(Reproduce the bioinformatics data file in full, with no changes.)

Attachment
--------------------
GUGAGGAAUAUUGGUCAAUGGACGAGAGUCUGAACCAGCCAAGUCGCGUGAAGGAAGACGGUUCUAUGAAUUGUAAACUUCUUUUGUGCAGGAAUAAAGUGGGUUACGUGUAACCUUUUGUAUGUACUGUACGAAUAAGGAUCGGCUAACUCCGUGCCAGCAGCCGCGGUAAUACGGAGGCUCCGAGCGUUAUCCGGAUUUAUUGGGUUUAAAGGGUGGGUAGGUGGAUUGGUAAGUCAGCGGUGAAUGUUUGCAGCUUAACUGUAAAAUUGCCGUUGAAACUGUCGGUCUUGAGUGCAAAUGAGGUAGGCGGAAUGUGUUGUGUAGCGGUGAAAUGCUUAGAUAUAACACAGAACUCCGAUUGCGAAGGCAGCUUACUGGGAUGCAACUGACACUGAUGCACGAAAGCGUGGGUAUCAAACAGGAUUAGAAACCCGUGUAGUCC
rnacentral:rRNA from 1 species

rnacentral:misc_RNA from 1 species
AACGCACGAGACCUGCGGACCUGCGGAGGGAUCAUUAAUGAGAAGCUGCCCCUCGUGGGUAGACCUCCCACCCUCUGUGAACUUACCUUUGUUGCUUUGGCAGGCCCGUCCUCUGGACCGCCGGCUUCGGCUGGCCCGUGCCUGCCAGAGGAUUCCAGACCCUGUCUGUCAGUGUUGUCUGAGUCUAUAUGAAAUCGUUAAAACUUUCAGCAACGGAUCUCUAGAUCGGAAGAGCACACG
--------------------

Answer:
GUGAGGAAUAUUGGUCAAUGGACGAGAGUCUGAACCAGCCAAGUCGCGUGAAGGAAGACGGUUCUAUGAAUUGUAAACUUCUUUUGUGCAGGAAUAAAGUGGGUUACGUGUAACCUUUUGUAUGUACUGUACGAAUAAGGAUCGGCUAACUCCGUGCCAGCAGCCGCGGUAAUACGGAGGCUCCGAGCGUUAUCCGGAUUUAUUGGGUUUAAAGGGUGGGUAGGUGGAUUGGUAAGUCAGCGGUGAAUGUUUGCAGCUUAACUGUAAAAUUGCCGUUGAAACUGUCGGUCUUGAGUGCAAAUGAGGUAGGCGGAAUGUGUUGUGUAGCGGUGAAAUGCUUAGAUAUAACACAGAACUCCGAUUGCGAAGGCAGCUUACUGGGAUGCAACUGACACUGAUGCACGAAAGCGUGGGUAUCAAACAGGAUUAGAAACCCGUGUAGUCC
rnacentral:rRNA from 1 species

rnacentral:misc_RNA from 1 species
AACGCACGAGACCUGCGGACCUGCGGAGGGAUCAUUAAUGAGAAGCUGCCCCUCGUGGGUAGACCUCCCACCCUCUGUGAACUUACCUUUGUUGCUUUGGCAGGCCCGUCCUCUGGACCGCCGGCUUCGGCUGGCCCGUGCCUGCCAGAGGAUUCCAGACCCUGUCUGUCAGUGUUGUCUGAGUCUAUAUGAAAUCGUUAAAACUUUCAGCAACGGAUCUCUAGAUCGGAAGAGCACACG